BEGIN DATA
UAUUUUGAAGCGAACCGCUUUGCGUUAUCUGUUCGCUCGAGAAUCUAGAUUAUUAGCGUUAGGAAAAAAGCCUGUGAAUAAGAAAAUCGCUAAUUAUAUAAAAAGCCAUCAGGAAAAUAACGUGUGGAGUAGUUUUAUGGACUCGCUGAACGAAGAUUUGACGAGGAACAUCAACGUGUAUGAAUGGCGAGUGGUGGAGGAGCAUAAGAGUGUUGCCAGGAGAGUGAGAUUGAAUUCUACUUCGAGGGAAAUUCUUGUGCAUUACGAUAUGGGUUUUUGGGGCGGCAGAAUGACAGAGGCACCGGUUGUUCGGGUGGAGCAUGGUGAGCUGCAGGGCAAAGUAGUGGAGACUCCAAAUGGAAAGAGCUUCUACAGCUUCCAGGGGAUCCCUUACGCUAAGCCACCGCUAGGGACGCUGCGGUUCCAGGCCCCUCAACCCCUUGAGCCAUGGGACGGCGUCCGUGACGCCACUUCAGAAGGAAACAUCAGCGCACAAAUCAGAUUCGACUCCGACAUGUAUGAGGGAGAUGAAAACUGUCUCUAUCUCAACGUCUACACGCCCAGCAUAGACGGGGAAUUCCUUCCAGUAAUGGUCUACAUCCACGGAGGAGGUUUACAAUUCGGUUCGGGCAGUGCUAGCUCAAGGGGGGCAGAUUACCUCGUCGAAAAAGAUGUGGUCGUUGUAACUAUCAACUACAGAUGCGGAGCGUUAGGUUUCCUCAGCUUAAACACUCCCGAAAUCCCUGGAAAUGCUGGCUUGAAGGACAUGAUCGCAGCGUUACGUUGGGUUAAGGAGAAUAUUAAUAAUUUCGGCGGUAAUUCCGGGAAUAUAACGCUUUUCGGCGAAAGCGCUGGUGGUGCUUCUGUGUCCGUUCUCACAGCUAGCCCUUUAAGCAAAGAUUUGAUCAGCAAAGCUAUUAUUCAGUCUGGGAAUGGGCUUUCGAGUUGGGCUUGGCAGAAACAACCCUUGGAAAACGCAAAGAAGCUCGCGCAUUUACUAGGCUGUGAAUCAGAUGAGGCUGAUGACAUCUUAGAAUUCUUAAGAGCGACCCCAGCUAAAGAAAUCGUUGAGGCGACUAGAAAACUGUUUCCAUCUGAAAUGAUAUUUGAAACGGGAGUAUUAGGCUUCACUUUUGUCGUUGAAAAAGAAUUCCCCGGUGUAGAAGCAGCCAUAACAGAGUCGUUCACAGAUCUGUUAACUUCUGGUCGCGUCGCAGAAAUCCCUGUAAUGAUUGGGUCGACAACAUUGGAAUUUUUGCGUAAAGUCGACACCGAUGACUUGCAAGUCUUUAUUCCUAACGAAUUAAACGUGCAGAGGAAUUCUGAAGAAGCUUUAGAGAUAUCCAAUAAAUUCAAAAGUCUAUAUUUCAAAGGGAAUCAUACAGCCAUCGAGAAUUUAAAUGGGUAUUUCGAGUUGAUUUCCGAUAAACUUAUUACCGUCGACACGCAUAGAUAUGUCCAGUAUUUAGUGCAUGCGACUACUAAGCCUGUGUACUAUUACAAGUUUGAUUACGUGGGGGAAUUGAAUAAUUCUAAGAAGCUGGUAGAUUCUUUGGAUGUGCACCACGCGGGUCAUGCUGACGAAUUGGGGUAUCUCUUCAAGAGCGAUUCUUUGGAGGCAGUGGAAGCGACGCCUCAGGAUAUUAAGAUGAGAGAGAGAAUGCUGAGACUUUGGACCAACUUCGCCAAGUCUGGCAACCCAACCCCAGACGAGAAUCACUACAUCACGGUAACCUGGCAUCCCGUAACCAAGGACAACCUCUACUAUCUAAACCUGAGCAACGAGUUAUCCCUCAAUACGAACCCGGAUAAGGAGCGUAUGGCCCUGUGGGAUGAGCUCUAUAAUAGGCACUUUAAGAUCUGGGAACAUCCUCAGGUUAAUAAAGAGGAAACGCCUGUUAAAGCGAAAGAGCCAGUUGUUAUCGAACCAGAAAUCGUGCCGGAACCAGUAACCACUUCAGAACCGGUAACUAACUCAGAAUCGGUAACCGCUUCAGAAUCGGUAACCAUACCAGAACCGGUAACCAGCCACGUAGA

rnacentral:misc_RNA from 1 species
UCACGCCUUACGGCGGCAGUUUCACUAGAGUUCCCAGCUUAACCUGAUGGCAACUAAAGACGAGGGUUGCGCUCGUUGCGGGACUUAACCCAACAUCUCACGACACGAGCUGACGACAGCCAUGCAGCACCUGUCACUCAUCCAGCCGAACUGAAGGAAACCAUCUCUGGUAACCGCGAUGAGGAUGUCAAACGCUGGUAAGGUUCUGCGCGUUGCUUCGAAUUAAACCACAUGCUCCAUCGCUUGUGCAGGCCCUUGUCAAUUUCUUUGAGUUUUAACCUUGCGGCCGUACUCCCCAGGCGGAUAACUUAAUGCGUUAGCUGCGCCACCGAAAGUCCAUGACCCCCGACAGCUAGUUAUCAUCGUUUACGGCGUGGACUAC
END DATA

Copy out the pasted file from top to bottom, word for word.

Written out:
UAUUUUGAAGCGAACCGCUUUGCGUUAUCUGUUCGCUCGAGAAUCUAGAUUAUUAGCGUUAGGAAAAAAGCCUGUGAAUAAGAAAAUCGCUAAUUAUAUAAAAAGCCAUCAGGAAAAUAACGUGUGGAGUAGUUUUAUGGACUCGCUGAACGAAGAUUUGACGAGGAACAUCAACGUGUAUGAAUGGCGAGUGGUGGAGGAGCAUAAGAGUGUUGCCAGGAGAGUGAGAUUGAAUUCUACUUCGAGGGAAAUUCUUGUGCAUUACGAUAUGGGUUUUUGGGGCGGCAGAAUGACAGAGGCACCGGUUGUUCGGGUGGAGCAUGGUGAGCUGCAGGGCAAAGUAGUGGAGACUCCAAAUGGAAAGAGCUUCUACAGCUUCCAGGGGAUCCCUUACGCUAAGCCACCGCUAGGGACGCUGCGGUUCCAGGCCCCUCAACCCCUUGAGCCAUGGGACGGCGUCCGUGACGCCACUUCAGAAGGAAACAUCAGCGCACAAAUCAGAUUCGACUCCGACAUGUAUGAGGGAGAUGAAAACUGUCUCUAUCUCAACGUCUACACGCCCAGCAUAGACGGGGAAUUCCUUCCAGUAAUGGUCUACAUCCACGGAGGAGGUUUACAAUUCGGUUCGGGCAGUGCUAGCUCAAGGGGGGCAGAUUACCUCGUCGAAAAAGAUGUGGUCGUUGUAACUAUCAACUACAGAUGCGGAGCGUUAGGUUUCCUCAGCUUAAACACUCCCGAAAUCCCUGGAAAUGCUGGCUUGAAGGACAUGAUCGCAGCGUUACGUUGGGUUAAGGAGAAUAUUAAUAAUUUCGGCGGUAAUUCCGGGAAUAUAACGCUUUUCGGCGAAAGCGCUGGUGGUGCUUCUGUGUCCGUUCUCACAGCUAGCCCUUUAAGCAAAGAUUUGAUCAGCAAAGCUAUUAUUCAGUCUGGGAAUGGGCUUUCGAGUUGGGCUUGGCAGAAACAACCCUUGGAAAACGCAAAGAAGCUCGCGCAUUUACUAGGCUGUGAAUCAGAUGAGGCUGAUGACAUCUUAGAAUUCUUAAGAGCGACCCCAGCUAAAGAAAUCGUUGAGGCGACUAGAAAACUGUUUCCAUCUGAAAUGAUAUUUGAAACGGGAGUAUUAGGCUUCACUUUUGUCGUUGAAAAAGAAUUCCCCGGUGUAGAAGCAGCCAUAACAGAGUCGUUCACAGAUCUGUUAACUUCUGGUCGCGUCGCAGAAAUCCCUGUAAUGAUUGGGUCGACAACAUUGGAAUUUUUGCGUAAAGUCGACACCGAUGACUUGCAAGUCUUUAUUCCUAACGAAUUAAACGUGCAGAGGAAUUCUGAAGAAGCUUUAGAGAUAUCCAAUAAAUUCAAAAGUCUAUAUUUCAAAGGGAAUCAUACAGCCAUCGAGAAUUUAAAUGGGUAUUUCGAGUUGAUUUCCGAUAAACUUAUUACCGUCGACACGCAUAGAUAUGUCCAGUAUUUAGUGCAUGCGACUACUAAGCCUGUGUACUAUUACAAGUUUGAUUACGUGGGGGAAUUGAAUAAUUCUAAGAAGCUGGUAGAUUCUUUGGAUGUGCACCACGCGGGUCAUGCUGACGAAUUGGGGUAUCUCUUCAAGAGCGAUUCUUUGGAGGCAGUGGAAGCGACGCCUCAGGAUAUUAAGAUGAGAGAGAGAAUGCUGAGACUUUGGACCAACUUCGCCAAGUCUGGCAACCCAACCCCAGACGAGAAUCACUACAUCACGGUAACCUGGCAUCCCGUAACCAAGGACAACCUCUACUAUCUAAACCUGAGCAACGAGUUAUCCCUCAAUACGAACCCGGAUAAGGAGCGUAUGGCCCUGUGGGAUGAGCUCUAUAAUAGGCACUUUAAGAUCUGGGAACAUCCUCAGGUUAAUAAAGAGGAAACGCCUGUUAAAGCGAAAGAGCCAGUUGUUAUCGAACCAGAAAUCGUGCCGGAACCAGUAACCACUUCAGAACCGGUAACUAACUCAGAAUCGGUAACCGCUUCAGAAUCGGUAACCAUACCAGAACCGGUAACCAGCCACGUAGA

rnacentral:misc_RNA from 1 species
UCACGCCUUACGGCGGCAGUUUCACUAGAGUUCCCAGCUUAACCUGAUGGCAACUAAAGACGAGGGUUGCGCUCGUUGCGGGACUUAACCCAACAUCUCACGACACGAGCUGACGACAGCCAUGCAGCACCUGUCACUCAUCCAGCCGAACUGAAGGAAACCAUCUCUGGUAACCGCGAUGAGGAUGUCAAACGCUGGUAAGGUUCUGCGCGUUGCUUCGAAUUAAACCACAUGCUCCAUCGCUUGUGCAGGCCCUUGUCAAUUUCUUUGAGUUUUAACCUUGCGGCCGUACUCCCCAGGCGGAUAACUUAAUGCGUUAGCUGCGCCACCGAAAGUCCAUGACCCCCGACAGCUAGUUAUCAUCGUUUACGGCGUGGACUAC